Cannes is full of mind-boggling campaigns. We've trawled through last year's entries and found the ones with a real 'wow' factor, to get you in the mood for this year's creative onslaught.
Last year, Apple’s iPhone 6 campaign shook the advertising world, turning the concept of technology on its head. But, it was Always that perhaps made the most emotive and powerful statement with its #LikeaGirl campaign. It challenged worldwide social inequality, proving that effective PR and a killer concept are a winning formula.
The best campaigns are the ones that stay in people's minds years after their launch - like Tourism Queensland’s ‘Best job in the world’, which went viral in 2009.
Cannes also recognises work that raises awareness of a charitable cause or social injustice. Women’s Aid and WCRS’ innovative billboard campaign touched the hearts of the public as well as the judges at last year’s festival.
Always, Procter & Gamble, and Leo Burnett – #LikeaGirl
PR Grand Prix 2015
Always’ empowering campaign #LikeAGirl was based on research that young girls lose confidence during puberty. Always wanted the campaign to reverse the negative connotation associated with the saying ‘like a girl’, while tackling gender stereotypes.
The video showing men and women, boys and girls, carrying out a number of physical activities ‘like a girl’, was shared through social media and PR - amassing more than 90 million views. Since the launch, the hashtag has become a symbol of female empowerment around the world - as well as being used in school development programmes.
Nitro and Tourism Queensland – ‘Best job in the world’
PR Grand Prix, Direct Marketing Grand Prix 2009
Dubbed the world’s greatest PR stunt, this campaign scooped two of the top awards at Cannes. The campaign began with worldwide advertising, seeking applicants for a "caretaker" for an Australian paradise island, with a salary of £73,000. The adverts attracted thousands of candidates, who uploaded video applications saying why they should get the job. The lucky winner was charity worker Ben Southall from Hampshire, UK, who beat 34,000 applicants to secure the position.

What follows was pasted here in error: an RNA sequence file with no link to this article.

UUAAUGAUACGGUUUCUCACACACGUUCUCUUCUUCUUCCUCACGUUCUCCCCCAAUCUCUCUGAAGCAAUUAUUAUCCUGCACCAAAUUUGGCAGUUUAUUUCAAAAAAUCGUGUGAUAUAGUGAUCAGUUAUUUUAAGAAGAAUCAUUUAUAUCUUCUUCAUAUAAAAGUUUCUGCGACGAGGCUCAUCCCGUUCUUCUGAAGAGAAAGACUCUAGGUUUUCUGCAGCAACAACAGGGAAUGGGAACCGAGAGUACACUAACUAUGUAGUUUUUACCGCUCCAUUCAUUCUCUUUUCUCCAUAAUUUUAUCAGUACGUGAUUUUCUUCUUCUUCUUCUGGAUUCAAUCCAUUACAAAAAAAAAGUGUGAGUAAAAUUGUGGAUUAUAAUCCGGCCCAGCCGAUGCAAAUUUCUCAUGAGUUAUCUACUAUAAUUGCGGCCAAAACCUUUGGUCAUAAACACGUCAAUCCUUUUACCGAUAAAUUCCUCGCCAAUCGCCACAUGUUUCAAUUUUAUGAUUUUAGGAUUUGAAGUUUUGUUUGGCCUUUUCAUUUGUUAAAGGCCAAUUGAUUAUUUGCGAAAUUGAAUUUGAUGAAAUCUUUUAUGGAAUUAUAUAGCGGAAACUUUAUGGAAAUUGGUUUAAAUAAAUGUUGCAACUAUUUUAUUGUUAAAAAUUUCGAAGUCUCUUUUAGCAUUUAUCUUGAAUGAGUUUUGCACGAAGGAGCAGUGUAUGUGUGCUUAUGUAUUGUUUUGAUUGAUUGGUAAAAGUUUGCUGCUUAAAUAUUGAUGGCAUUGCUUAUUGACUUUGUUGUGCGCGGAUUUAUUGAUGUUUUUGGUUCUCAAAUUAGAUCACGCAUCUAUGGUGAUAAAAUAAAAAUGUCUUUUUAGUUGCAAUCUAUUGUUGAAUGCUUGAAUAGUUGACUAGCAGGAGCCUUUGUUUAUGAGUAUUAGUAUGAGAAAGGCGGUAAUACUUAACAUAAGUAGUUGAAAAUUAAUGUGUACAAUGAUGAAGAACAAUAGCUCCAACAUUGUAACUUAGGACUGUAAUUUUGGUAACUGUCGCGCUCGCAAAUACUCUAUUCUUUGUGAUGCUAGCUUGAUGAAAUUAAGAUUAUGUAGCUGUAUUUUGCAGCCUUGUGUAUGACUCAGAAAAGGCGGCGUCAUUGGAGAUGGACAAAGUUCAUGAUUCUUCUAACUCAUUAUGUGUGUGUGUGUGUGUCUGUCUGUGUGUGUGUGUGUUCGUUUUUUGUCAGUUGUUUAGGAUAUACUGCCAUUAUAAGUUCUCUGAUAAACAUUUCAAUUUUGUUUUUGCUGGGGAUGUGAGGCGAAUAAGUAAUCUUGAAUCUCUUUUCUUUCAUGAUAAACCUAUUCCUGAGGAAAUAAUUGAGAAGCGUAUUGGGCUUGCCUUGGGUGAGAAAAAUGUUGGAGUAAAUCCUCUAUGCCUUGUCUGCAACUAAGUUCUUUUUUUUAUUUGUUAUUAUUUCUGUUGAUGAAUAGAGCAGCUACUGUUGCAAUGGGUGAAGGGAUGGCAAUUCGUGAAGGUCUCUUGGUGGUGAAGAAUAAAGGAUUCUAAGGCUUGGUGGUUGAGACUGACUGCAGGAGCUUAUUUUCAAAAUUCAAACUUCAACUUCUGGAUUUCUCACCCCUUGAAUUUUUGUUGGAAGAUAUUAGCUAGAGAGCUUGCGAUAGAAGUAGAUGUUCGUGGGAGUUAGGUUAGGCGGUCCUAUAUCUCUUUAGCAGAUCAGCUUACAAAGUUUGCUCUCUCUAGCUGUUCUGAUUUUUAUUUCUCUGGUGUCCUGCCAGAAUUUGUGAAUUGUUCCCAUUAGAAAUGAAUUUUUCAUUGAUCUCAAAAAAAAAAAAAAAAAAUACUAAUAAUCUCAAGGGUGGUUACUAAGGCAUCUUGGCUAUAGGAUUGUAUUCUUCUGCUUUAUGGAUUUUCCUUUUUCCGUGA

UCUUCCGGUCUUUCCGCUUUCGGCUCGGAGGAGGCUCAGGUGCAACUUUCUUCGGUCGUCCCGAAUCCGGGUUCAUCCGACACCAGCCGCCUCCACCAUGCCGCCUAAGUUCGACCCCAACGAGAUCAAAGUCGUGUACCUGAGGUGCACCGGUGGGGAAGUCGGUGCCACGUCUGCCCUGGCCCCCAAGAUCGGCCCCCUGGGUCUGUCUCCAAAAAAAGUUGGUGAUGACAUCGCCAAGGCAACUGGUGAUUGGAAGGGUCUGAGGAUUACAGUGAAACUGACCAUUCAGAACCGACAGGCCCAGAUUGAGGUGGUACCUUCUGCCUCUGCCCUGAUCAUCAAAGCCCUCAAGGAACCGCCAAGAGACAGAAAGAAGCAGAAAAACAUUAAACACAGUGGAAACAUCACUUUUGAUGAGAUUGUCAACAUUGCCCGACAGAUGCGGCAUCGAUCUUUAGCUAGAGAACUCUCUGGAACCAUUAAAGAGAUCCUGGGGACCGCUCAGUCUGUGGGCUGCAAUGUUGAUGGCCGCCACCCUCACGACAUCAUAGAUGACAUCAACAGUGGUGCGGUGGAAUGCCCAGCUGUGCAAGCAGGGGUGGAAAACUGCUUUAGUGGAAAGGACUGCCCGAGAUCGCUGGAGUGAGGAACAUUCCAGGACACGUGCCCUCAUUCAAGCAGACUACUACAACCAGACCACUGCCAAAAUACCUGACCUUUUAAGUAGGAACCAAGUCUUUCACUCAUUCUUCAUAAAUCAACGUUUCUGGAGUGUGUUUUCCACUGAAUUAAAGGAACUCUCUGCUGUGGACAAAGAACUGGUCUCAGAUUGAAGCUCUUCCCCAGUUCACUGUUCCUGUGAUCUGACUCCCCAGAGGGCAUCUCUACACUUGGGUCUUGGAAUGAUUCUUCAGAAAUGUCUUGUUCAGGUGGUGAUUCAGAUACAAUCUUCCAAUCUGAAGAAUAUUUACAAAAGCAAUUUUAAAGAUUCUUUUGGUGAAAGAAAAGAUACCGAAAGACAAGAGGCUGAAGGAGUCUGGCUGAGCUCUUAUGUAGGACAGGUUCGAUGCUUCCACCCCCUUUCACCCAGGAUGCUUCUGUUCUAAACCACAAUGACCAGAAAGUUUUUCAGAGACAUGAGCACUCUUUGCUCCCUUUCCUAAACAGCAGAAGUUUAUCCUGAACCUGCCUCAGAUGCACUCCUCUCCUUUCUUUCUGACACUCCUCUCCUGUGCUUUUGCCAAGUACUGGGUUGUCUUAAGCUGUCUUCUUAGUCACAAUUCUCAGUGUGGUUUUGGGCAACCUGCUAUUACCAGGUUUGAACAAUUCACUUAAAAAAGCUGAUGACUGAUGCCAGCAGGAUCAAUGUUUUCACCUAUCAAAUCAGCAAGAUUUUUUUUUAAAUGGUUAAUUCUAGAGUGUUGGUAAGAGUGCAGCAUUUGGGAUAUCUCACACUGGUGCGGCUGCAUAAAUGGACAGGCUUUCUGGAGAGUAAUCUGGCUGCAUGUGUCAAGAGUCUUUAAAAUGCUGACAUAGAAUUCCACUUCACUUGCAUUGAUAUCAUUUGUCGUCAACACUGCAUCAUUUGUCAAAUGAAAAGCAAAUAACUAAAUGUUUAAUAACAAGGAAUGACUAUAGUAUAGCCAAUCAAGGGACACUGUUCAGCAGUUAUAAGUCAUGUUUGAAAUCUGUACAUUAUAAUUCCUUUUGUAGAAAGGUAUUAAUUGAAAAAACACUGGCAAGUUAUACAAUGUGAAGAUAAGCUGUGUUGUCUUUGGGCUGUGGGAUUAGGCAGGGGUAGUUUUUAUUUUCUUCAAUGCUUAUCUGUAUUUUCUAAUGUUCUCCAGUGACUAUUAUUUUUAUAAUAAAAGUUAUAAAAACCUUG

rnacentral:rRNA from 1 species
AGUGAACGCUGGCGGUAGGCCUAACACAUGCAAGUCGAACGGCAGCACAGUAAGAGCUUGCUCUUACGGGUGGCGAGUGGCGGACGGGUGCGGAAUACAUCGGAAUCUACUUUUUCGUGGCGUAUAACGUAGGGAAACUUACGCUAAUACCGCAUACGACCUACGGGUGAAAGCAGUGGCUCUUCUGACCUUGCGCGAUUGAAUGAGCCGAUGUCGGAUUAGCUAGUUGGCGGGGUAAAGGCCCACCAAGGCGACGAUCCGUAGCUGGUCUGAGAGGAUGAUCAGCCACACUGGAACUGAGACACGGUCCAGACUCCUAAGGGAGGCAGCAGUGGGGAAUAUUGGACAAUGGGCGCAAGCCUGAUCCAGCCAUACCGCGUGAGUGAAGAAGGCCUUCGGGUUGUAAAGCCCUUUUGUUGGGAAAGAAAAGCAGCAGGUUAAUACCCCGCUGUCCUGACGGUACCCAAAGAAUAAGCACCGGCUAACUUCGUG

Tourism Queensland said the campaign generated more than $80m (£49m) of equivalent media advertising space.
Apple and TBWA - iPhone 6 billboards
Outdoor Grand Prix 2015
Apple’s ‘Shot on iPhone 6’ campaign was described as a game-changer at last year’s festival. Rather than using professional photographers, Apple created "the largest mobile photography gallery in history" with photos taken by iPhone users around the world. In total, the campaign featured more than 10,000 installations in 73 cities in 25 countries. By using very little technology itself, the campaign highlighted the sharing power of technology, which is why judges crowned it the overall winner.
Metro Trains and McCann Melbourne – Dumb Ways to Die
Integrated Grand Prix 2013
This TV and online ad campaign was a public service message to promote train safety. The ad featured animated characters killed in bizarre ways such as poking a bear with a stick and swimming with piranhas, to push home the idea that deaths caused by messing around or on trains, is pointless. The ad picked up five grand prix awards including film, radio, PR, direct and integrated categories - the most a campaign has ever notched up at the festival.
Women’s Aid and WCRS - Look At Me
Gold Lion, Silver Lion, Grand Prix for Good (shortlisted)
The charity’s interactive billboard campaign raised awareness of domestic violence by showing images of bruised women, carrying messages such as ‘If you can see domestic violence, we can stop it,’ and ‘Don’t turn a blind eye’.
WCRS used pioneering facial recognition technology so that passers-by who looked at the advert, were logged. The more people that looked at the image, the more the women on screen ‘healed’ and their bruises disappeared. If people ignored the images, they would remain the same. The images were shot by Women’s Aid supporter and photographer Rankin.